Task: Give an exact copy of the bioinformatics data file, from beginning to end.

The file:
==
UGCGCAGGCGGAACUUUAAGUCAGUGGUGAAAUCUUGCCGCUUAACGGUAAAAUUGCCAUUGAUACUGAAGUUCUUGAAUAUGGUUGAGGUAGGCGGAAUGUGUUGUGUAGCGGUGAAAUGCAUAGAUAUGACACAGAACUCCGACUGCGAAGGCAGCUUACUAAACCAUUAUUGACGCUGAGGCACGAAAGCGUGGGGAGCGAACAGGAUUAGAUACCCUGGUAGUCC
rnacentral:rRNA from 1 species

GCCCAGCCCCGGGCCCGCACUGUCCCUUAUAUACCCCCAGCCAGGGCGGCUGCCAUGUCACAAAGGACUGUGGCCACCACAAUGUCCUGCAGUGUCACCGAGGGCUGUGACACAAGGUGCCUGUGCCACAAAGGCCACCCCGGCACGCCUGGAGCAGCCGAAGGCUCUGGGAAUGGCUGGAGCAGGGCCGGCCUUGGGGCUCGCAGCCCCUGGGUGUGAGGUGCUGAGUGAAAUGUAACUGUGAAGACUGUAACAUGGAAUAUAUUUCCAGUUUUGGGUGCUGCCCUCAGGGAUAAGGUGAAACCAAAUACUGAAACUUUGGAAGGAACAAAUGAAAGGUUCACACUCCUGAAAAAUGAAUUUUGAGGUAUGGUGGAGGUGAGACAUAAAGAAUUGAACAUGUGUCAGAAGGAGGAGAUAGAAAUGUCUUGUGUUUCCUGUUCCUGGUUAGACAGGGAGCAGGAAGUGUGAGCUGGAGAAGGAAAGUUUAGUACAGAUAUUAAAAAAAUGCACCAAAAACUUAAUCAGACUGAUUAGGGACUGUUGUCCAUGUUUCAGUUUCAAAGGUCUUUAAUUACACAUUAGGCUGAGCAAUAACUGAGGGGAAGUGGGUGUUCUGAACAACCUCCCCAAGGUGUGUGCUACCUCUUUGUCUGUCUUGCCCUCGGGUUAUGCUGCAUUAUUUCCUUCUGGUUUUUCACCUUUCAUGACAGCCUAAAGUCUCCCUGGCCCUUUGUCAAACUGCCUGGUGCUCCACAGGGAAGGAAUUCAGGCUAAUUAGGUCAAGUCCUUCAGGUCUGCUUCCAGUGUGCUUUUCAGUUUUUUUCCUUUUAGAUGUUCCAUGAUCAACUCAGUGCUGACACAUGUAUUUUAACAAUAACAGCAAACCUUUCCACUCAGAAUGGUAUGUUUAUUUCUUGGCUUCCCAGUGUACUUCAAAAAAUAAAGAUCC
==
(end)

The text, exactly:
UGCGCAGGCGGAACUUUAAGUCAGUGGUGAAAUCUUGCCGCUUAACGGUAAAAUUGCCAUUGAUACUGAAGUUCUUGAAUAUGGUUGAGGUAGGCGGAAUGUGUUGUGUAGCGGUGAAAUGCAUAGAUAUGACACAGAACUCCGACUGCGAAGGCAGCUUACUAAACCAUUAUUGACGCUGAGGCACGAAAGCGUGGGGAGCGAACAGGAUUAGAUACCCUGGUAGUCC
rnacentral:rRNA from 1 species

GCCCAGCCCCGGGCCCGCACUGUCCCUUAUAUACCCCCAGCCAGGGCGGCUGCCAUGUCACAAAGGACUGUGGCCACCACAAUGUCCUGCAGUGUCACCGAGGGCUGUGACACAAGGUGCCUGUGCCACAAAGGCCACCCCGGCACGCCUGGAGCAGCCGAAGGCUCUGGGAAUGGCUGGAGCAGGGCCGGCCUUGGGGCUCGCAGCCCCUGGGUGUGAGGUGCUGAGUGAAAUGUAACUGUGAAGACUGUAACAUGGAAUAUAUUUCCAGUUUUGGGUGCUGCCCUCAGGGAUAAGGUGAAACCAAAUACUGAAACUUUGGAAGGAACAAAUGAAAGGUUCACACUCCUGAAAAAUGAAUUUUGAGGUAUGGUGGAGGUGAGACAUAAAGAAUUGAACAUGUGUCAGAAGGAGGAGAUAGAAAUGUCUUGUGUUUCCUGUUCCUGGUUAGACAGGGAGCAGGAAGUGUGAGCUGGAGAAGGAAAGUUUAGUACAGAUAUUAAAAAAAUGCACCAAAAACUUAAUCAGACUGAUUAGGGACUGUUGUCCAUGUUUCAGUUUCAAAGGUCUUUAAUUACACAUUAGGCUGAGCAAUAACUGAGGGGAAGUGGGUGUUCUGAACAACCUCCCCAAGGUGUGUGCUACCUCUUUGUCUGUCUUGCCCUCGGGUUAUGCUGCAUUAUUUCCUUCUGGUUUUUCACCUUUCAUGACAGCCUAAAGUCUCCCUGGCCCUUUGUCAAACUGCCUGGUGCUCCACAGGGAAGGAAUUCAGGCUAAUUAGGUCAAGUCCUUCAGGUCUGCUUCCAGUGUGCUUUUCAGUUUUUUUCCUUUUAGAUGUUCCAUGAUCAACUCAGUGCUGACACAUGUAUUUUAACAAUAACAGCAAACCUUUCCACUCAGAAUGGUAUGUUUAUUUCUUGGCUUCCCAGUGUACUUCAAAAAAUAAAGAUCC